Liz Nutting's Reviews > The Sojourn

The Sojourn by Andrew Krivak
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Mar 18, 12

really liked it
bookshelves: literary-fiction, kindle
Read from March 10 to 17, 2012

Years ago I taught a college-level religion course called "Death and Dying." On the first day of the course, I would start by asking each student to share why they were taking the class, which, after all, was not required by any department, although it was always, always full to overflowing. One year, a young man--tall, dark and very handsome and a tad bit older than the typical 18-21 year old college students--started to share his story. After high school, he had joined the Marines, where he was trained as a sniper and sent to the conflict in Somalia (recall "Blackhawk Down"). There he was taught to de-humanize the enemy, to "reduce the target" rather than kill a man. One day, he and his commanding officer were hunting from the cover of an abandoned building when he heard a pop and watched as an enemy sniper's bullet exploded his companion's head. Now, he said, he was furious with the military for what they'd made him do, for what they'd turned him into. He was taking this class in the hope of coming to terms with his experience of death and of recovering some of the humanity that had been trained out of him.

I thought of this young man (it saddens me that I can no longer remember his name) while I read Andrew Krivak's debut novel, The Sojourn. For the core of the story is one not too dissimilar from my student's. Krivak's protagonist, Jozef Vinich, was born in 1899 in a Colorado mining town, the son of Slavic immigrants. When his mother is killed in a tragic accident, Jozef's father takes his son back to the Old Country. As Jozef grows he learns to herd sheep in the Carpathian mountains and to shoot his father's rifle, along side another abandoned youth his father raises as a brother to Jozef. As World War I engulfs even his small town, he lies about his age and enlists with his brother, and their shooting skill destines them both to be snipers for the Austrian-Hungarian army. Working as a pair, they are very, very good snipers--until they meet up with better ones from the other side.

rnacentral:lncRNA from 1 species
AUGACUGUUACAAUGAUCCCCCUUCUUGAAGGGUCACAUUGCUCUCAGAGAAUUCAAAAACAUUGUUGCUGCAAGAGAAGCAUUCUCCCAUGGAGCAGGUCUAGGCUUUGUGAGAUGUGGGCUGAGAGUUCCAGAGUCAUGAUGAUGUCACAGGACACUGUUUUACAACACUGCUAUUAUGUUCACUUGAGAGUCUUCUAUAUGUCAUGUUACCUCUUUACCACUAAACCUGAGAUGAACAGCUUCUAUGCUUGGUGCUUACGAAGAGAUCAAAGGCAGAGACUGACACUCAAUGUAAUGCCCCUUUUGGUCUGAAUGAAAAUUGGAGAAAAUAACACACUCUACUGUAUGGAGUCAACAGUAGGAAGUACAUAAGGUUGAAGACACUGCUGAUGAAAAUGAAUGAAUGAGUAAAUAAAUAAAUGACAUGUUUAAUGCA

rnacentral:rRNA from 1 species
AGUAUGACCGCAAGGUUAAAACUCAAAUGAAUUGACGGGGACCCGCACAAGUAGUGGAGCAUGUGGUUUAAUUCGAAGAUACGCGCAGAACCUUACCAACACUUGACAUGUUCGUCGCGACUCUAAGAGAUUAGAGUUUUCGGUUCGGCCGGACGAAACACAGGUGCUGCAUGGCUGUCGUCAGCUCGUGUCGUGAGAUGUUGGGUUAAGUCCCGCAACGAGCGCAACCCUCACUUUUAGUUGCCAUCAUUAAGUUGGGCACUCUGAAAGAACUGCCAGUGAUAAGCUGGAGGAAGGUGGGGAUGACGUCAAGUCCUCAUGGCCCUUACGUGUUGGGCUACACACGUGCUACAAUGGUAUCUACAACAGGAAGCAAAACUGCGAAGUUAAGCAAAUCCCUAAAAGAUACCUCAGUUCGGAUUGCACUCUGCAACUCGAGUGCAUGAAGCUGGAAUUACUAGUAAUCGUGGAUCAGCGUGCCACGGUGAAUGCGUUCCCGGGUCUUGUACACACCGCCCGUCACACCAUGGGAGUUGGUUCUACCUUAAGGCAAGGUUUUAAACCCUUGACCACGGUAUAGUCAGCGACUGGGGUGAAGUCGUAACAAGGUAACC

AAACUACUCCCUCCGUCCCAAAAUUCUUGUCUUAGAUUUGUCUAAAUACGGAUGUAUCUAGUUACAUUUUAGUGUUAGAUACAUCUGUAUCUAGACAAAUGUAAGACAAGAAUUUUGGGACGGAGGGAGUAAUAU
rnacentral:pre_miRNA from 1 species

The Sojourn is a short book. It has been described as lyrical and has been compared to Hemingway and other great war literature. Some of the "lyricism" seemed, at times, too self-conscious, with paragraph-long sentences and flowing descriptions that I admit skimming over. But there were no wasted scenes and the events in Jozef's life move briskly to their climax, without ever seeming rushed.

We are, it seems to me, in something of a resurgence of attention to World War I, with some new histories and other bits of pop culture. I'll venture that not many of us in Gens X, Y or Wired know anything of substance about this war. It has long been overshadowed by its more heroic mid-century cousin. After all, Hitler was much more charismatic than the Kaiser.

Perhaps it's because we're nearing the centennial of the conflict that it has come up for re-examination. But I suspect it has more to do with the way this war resonates with our own war-weary psyches. World War I, after all, gave us the very notion of "shell-shock" (now so clinically and dispassionately described as post-traumatic stress syndrome). It ushered in new technologies of war, from airplanes to long-range artillery to poison gas, which required new strategies that were slow in coming from hide-bound, traditionalist generals schooled in a different sort of battle. It tore back the curtain of honor and glory in battle to reveal the brutality and psychic and spiritual toll it exacts.

The Sojourn captures this spirit in vivid descriptions of the brutal trench warfare. And in Jozef, we see first hand the toll taken by the dehumanization of both friend and foe. The enemy isn't the only target that Jozef "reduces"; he is called upon to shoot deserters from among his own ranks, and he does so willingly and unfeelingly. The ghosts of his dead haunt him nightly in his dreams and in his numbness, he longs to be with them. But as an old Italian prisoner tells him, he can only banish the ghosts by accepting the burden of living.

"Ghosts are not the dead. They are our fear of death. Tell yourself, Jozef, not to be afraid."
After a time, I asked, "What is left to be afraid of?"
And he said, "The possibility that a life itself may prove to be the most worthy struggle."


I don't know if my student was ever able to banish his ghosts. I'd like to think he has, and that my class played some small part in that for him. But as we wind up (I hope) the wars in Iraq and Afghanistan, there are many, many more young men who now need to sojourn from death to life. I pray they can make the journey.


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03/12/2012
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